|Speaker of Lok Sabha|
4 June 2004 – 16 May 2009
|Prime Minister||Manmohan Singh|
|Preceded by||Manohar Joshi|
|Succeeded by||Meira Kumar|
|Member of the Lok Sabha for Bolpur, West Bengal|
25 July 1929 |
|Political party||CPI-M (1968-2008)|
|Children||1 son and 2 daughters|
|As of September 17, 2006
Somnath Chatterjee (Bengali: সোমনাথ চট্টোপাধ্যায়; born July 25, 1929) is an Indian politician who had been associated with the Communist Party of India (Marxist) for most of his life, though he is currently an independent. He was the Speaker of the Lok Sabha (House of the People) from 2004 to 2009.
Education and family background 
Born in Tezpur, Assam, into an aristocratic Bengali Brahmins family, his father, Nirmal Chandra Chatterjee, was a prominent lawyer, intellectual, and Hindu revivalist and nationalist around the time of India's independence, and his mother, Binapani Debi ran the home. Nirmal Chandra Chatterjee was one of the founders and one-time president of the Akhil Bharatiya Hindu Mahasabha. In 1948, when the Communist Party of India was banned by the Jawaharlal Nehru led Indian National Congress government in India, and its party leaders arrested, Nirmal Chandra Chatterjee formed the All India Civil Liberties Union, and agitated for their release. In the process, he came close to Jyoti Basu, in spite of continuing ideological political differences between the two.
Somnath was educated at Mitra Institution School, Presidency College and then the University of Calcutta in Calcutta. He also attended Jesus College, Cambridge and graduating with a B.A. in 1952 and a M.A. in 1957, both in law, has been awarded an honorary fellowship by the college in 2007. He was called to the bar from the Middle Temple in London and took up legal practice as an advocate at the Calcutta High Court before joining active politics.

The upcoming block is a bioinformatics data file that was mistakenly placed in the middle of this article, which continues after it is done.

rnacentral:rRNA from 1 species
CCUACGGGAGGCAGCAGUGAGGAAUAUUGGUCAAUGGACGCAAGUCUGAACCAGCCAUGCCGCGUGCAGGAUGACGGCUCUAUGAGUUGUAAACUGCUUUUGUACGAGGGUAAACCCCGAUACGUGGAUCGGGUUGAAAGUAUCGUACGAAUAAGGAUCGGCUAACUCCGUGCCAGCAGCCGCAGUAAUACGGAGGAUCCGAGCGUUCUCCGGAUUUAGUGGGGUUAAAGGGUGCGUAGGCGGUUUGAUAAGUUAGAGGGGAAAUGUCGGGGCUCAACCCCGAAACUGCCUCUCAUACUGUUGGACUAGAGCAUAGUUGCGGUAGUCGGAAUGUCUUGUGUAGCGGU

Political career 
Somnath Chatterjee was a member of the Communist Party of India (Marxist) (CPI(M)) from 1968 to 2008. In 1971, he was nominated to contest an interim election caused by the death of his father, who had been elected from that constituency. He became a Member of the Lok Sabha in 1971 and was elected the first time as an independent candidate supported by the CPI(M). Subsequently he was re-elected nine times, except once when he lost to Mamata Banerjee in the Jadavpur Lok Sabha constituency in 1984. From 1989 until 2004 he was the leader of his party in the Lok Sabha. He was elected for the tenth time in 2004 as a member of the present 14th Lok Sabha from Bolpur Lok Sabha constituency, which is considered to be a CPI(M) stronghold. Following the election, on June 4, 2004 he was unanimously elected as the Speaker of the 14th Lok Sabha.
Expulsion from the CPI (M) 
After the CPI (M) withdrew its support for the United Progressive Alliance-led government in mid-2008, the party included Chatterjee's name on its list of MPs who were withdrawing their support from the government, despite his non-partisan position as Speaker. Chatterjee, however, appeared unwilling to follow the party line to vote against the government in a crucial July 2008 confidence vote, as voting against the government would mean voting alongside the right-wing opposition BJP. Ignoring the party's instructions, he decided to stay on in his post as Speaker of the House, acting in this capacity during the confidence vote. Following the vote, which the government survived, on July 23, 2008, the CPI (M) expelled him from the party for violation of party discipline. A CPI (M) press release said, "The Politburo of the Communist Party of India-Marxist has unanimously decided to expel Somnath Chatterjee from the membership of the party with immediate effect. This action has been taken under Article XIX, clause 13 of the Party Constitution for seriously compromising the position of the party." Bengal secretary Biman Bose said "Chatterjee may have acted according to the Indian Constitution but the party constitution is supreme in [the] case of party members."